The recent Law 35/2015 introduces the need to carry out actuarial calculations to assess capital damages, both in temporary injuries, as well as in sequelae or in cases of death. Ex-post legislation (Good Practice Guide) expands the methodology to perform these actuarial calculations. Specifically, the need to issue an actuarial report by an actuary to justify the right of the injured party is highlighted.
Any person can be a victim of capital losses derived from the breach of obligations by third parties. For example, medical negligence in addition to affecting the health of a patient can have direct consequences on their assets.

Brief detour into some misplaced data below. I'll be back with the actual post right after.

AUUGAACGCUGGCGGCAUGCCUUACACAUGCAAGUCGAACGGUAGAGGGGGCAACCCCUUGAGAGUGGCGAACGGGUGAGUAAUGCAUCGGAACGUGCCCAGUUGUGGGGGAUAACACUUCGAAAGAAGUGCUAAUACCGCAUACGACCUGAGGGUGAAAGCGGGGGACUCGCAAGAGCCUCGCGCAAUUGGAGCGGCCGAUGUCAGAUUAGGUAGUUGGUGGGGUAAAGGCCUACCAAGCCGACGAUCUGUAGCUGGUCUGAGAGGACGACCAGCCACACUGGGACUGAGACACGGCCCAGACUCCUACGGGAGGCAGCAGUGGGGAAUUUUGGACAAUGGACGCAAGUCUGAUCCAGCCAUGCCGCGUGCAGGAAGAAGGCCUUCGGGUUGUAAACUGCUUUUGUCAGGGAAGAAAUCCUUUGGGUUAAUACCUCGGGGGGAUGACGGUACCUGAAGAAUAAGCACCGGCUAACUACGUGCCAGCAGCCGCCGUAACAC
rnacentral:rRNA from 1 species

Art. 1106 of the Civil Code establishes that: “the compensation for damages includes not only the value of the loss they have suffered, but also that of the profit that the creditor has stopped obtaining”.
Two similar concepts emerge, but they present a clear difference: emerging damage and loss of profit.
What is emergent damage?
Emerging damage is the actual, effective and proven loss that occurs after an injury. In other words, its existence has been fully demonstrated and the compensation corresponds to its economic value.